Mozilla and company announce WebM, VP8-based open video format project

It is not that big of a surprise, but still the most important announcement for the open web this year, Mozilla, Google, Opera, Adobe, and many other companies have announced WebM, a new open media project that aims to develop an open alternative for creating video and audio content for the web.

WebM uses VP8, the efficient video encoding format Google got when it acquired On2 Technologies (a process completed earlier this year) and is now relicensed under an open BSD license, Vorbis for audio encoding, and a subset of popular Matroska as the video and audio container.

More surprisingly, all browser vendors already have development versions that support the new WebM. You can get Opera, Firefox, and Chromium builds right now.

ffmpeg, DirectShow, and the VP8 SDK are the current options for encoding and creating WebM-enabled applications right now, with even a few commercial alternatives already available as mentioned in the WebM Tools section. The specification is labeled as final, so developers can conifdently start hacking according to the site.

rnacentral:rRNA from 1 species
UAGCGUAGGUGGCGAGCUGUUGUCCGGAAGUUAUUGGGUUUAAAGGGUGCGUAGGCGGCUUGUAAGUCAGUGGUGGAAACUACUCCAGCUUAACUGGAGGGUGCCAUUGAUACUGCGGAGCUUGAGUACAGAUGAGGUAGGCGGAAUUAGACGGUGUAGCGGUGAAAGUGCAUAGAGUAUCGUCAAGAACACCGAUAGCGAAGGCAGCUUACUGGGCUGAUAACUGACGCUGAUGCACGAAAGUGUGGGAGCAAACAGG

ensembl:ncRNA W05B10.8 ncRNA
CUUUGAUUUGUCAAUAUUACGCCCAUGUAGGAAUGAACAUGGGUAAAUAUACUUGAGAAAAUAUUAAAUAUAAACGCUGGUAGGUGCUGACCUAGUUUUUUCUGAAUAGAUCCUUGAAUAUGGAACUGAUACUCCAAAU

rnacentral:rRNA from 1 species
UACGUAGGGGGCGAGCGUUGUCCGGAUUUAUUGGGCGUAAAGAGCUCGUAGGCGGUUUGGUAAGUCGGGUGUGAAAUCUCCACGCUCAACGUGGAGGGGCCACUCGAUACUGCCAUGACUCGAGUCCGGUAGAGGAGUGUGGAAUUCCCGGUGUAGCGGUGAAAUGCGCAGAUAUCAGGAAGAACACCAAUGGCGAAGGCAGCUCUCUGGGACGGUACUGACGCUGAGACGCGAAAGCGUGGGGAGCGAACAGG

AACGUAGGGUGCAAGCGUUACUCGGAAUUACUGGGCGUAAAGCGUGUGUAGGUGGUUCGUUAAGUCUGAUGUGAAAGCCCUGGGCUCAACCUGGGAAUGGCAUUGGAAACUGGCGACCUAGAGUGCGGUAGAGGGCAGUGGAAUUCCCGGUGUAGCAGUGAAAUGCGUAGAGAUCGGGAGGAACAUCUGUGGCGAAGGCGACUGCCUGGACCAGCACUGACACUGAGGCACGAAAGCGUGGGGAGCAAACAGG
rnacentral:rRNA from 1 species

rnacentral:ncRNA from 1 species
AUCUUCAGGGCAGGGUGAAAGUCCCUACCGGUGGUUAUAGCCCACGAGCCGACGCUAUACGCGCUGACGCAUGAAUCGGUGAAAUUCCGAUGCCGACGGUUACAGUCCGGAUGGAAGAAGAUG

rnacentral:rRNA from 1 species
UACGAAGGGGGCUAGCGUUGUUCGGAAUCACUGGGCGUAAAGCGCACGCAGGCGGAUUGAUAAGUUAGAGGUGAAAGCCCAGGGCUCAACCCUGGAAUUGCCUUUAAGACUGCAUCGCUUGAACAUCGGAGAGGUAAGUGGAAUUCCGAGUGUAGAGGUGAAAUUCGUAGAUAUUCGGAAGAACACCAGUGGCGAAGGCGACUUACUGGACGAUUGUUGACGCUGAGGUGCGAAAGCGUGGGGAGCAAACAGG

As for content, there are already 1.2 million YouTube videos available in WebM. The WebM site provides instructions  for watching WebM video which involve URL tweaking. Google has also announced they will transcode all YouTube videos to WebM.

Google to open On2’s VP8 video format

According to NewTeeVee, Google will open the source code of On2 VP8, the capable video compression format, on the upcoming Google I/O, citing “multiple sources”.

If this turns to be true it could be a favorable game changer for the open web. The two main objections Apple and Microsoft have to embracing Theora (based on On2’s VP3 format), are the risk of submarine patents, and the discussion on whether Theora or H264 are the better quality format, which prompted Google’s decision to choose to H264 for YouTube video encoding.

Hopefully, the patents issues have been solved by Google lawyers, and according to On2, it is superior to H264.

It is strange however, why if Google knew the progress of VP8 open sourcing, it rushed to announce H264 for YouTube .

We will have to keep waiting for Google’s say on this subject, and hope for the best.